Hollywood superstar Tom Cruise is back in his iconic bomber jacket as a US Navy pilot, stealing hearts with action blockbuster Top Gun: Maverick. But audiences in Taiwan have also been cheering the return of another movie symbol: the Taiwanese flag patch on the back of his jacket.
A pre-screening last month for the sequel to Cruise’s classic 1986 action flick Top Gun had Taipei movie-goers erupting in cheers and applause when they found the patch with the Taiwanese “Blue Sky” flag was back, after an earlier trailer showed it had been removed, possibly with an eye on the vast mainland Chinese market.
The 1986 original had Cruise’s character, Captain Pete “Maverick” Mitchell, wearing the now iconic jacket with patches featuring flags from Taiwan, Japan and the United States, along with a United Nations symbol.
In a 2019 trailer for the recent mega-hit, Captain Mitchell was still wearing the same jacket- but the flags were gone – replaced by indeterminate ones in the same colour scheme. This sparked criticism that it was a Hollywood attempt to please censors in Beijing, which considers Taiwan to be part of its territory and Taiwanese symbols an affront to its authority.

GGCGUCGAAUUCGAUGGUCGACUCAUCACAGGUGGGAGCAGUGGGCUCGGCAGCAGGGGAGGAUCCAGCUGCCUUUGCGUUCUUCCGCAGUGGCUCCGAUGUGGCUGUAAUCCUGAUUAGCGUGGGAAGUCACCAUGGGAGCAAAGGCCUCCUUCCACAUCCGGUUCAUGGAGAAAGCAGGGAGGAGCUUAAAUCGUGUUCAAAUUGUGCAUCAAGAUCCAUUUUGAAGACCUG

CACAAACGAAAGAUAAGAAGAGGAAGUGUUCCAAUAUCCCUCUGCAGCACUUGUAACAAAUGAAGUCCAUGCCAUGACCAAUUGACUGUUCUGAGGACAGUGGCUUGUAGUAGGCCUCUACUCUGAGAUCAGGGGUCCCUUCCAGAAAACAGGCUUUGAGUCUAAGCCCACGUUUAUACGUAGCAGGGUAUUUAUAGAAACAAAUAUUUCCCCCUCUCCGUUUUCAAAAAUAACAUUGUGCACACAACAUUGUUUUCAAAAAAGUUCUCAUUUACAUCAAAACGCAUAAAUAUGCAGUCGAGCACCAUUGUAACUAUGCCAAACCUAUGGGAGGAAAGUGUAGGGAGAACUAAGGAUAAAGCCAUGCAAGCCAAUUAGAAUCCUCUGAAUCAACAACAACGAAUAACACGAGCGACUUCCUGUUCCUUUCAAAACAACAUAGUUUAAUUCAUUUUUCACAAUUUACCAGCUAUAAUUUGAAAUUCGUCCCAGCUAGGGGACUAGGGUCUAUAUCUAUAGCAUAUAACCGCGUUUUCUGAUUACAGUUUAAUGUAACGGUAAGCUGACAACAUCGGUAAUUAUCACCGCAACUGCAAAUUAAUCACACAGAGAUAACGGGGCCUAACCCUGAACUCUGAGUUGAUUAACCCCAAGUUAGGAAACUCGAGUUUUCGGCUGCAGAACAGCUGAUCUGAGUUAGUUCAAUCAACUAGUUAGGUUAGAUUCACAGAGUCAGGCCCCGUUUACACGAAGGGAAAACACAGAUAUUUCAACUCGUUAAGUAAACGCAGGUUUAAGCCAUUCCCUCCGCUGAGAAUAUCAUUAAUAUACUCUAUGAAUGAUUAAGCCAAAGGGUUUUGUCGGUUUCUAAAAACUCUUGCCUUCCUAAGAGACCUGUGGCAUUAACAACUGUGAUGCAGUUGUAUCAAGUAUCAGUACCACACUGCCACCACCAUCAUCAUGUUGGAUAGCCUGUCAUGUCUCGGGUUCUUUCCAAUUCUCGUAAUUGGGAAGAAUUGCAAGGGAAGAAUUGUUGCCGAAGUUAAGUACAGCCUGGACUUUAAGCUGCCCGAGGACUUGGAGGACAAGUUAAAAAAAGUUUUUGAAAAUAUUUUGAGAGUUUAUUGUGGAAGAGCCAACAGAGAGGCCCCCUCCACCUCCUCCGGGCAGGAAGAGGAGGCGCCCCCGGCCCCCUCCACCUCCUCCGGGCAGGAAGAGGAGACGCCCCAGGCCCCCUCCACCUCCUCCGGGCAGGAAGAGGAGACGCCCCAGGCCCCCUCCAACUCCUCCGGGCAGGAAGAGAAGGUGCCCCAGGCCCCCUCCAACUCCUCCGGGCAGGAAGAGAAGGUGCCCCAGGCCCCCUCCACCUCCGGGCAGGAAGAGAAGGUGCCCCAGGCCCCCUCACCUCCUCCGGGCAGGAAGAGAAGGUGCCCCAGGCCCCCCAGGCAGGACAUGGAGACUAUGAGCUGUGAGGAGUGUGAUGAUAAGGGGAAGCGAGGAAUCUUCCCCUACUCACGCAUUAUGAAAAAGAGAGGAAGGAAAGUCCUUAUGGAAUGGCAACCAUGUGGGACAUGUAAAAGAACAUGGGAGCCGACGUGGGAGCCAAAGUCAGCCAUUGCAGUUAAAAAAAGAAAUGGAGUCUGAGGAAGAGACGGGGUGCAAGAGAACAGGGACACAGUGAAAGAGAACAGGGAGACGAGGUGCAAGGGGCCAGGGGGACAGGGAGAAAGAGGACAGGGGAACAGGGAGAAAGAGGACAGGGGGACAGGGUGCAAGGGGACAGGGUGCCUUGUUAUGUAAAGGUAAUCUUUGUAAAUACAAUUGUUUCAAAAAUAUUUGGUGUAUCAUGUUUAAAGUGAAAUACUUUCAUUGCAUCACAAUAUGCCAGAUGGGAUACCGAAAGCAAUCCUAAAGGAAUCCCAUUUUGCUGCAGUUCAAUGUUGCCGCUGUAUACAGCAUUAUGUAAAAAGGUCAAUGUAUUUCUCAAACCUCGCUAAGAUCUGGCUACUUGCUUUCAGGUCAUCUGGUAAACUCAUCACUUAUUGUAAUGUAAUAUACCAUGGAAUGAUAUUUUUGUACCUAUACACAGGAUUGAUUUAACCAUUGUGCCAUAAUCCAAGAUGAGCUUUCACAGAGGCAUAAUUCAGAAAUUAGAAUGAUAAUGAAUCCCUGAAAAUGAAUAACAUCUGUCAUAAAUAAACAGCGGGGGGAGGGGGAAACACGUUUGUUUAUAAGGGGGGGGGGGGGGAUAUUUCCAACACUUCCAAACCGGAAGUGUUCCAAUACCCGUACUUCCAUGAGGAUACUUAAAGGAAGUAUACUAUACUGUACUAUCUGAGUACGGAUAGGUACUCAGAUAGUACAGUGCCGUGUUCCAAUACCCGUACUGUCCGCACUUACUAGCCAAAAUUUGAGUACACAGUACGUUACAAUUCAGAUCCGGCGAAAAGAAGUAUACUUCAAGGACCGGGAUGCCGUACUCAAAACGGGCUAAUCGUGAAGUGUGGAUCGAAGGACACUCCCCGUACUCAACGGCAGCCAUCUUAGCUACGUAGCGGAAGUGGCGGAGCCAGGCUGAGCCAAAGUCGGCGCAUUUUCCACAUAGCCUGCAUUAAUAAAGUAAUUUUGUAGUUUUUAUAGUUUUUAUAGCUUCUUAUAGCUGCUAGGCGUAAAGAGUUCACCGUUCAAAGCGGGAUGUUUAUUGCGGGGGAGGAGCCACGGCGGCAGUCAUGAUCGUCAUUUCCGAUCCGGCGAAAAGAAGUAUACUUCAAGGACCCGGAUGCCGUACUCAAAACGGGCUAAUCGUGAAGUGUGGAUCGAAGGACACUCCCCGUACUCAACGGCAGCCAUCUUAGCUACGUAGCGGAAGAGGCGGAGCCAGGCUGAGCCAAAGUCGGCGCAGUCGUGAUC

Hong Kong-based film critic and lifestyle editor Ho Siu-bun called the move to retain the original patches “unprecedented”.
“Major film studios have never been shy about pandering to the Chinese market,” he told VICE World News. “No one knows why they changed it back.”
The Taiwanese flag is a political eyesore for Beijing, which claims sovereignty over the self-ruled island and warns other countries and international companies against displaying it publicly, or face retaliation and market boycotts.
To avoid angering Beijing, most UN members have strictly observed the censorship it requires, ever since the “Republic of China” – Taiwan’s official name for itself – was ousted in October 1971 in favour of the People’s Republic of China.
Almost all countries censor the Taiwanese flag or its symbols, except for eSwatini in South Africa, the Vatican in Europe, and 12 other nations in Latin America and Oceania that still maintain formal ties with the island.
Taiwan has had to use non-national flags and titles to take part in international events, if it is invited in the first place. This is despite Taiwan being an official member of such UN or international bodies as the World Trade Organization, the Asia-Pacific Economic Cooperation Forum and the Asian Development Bank.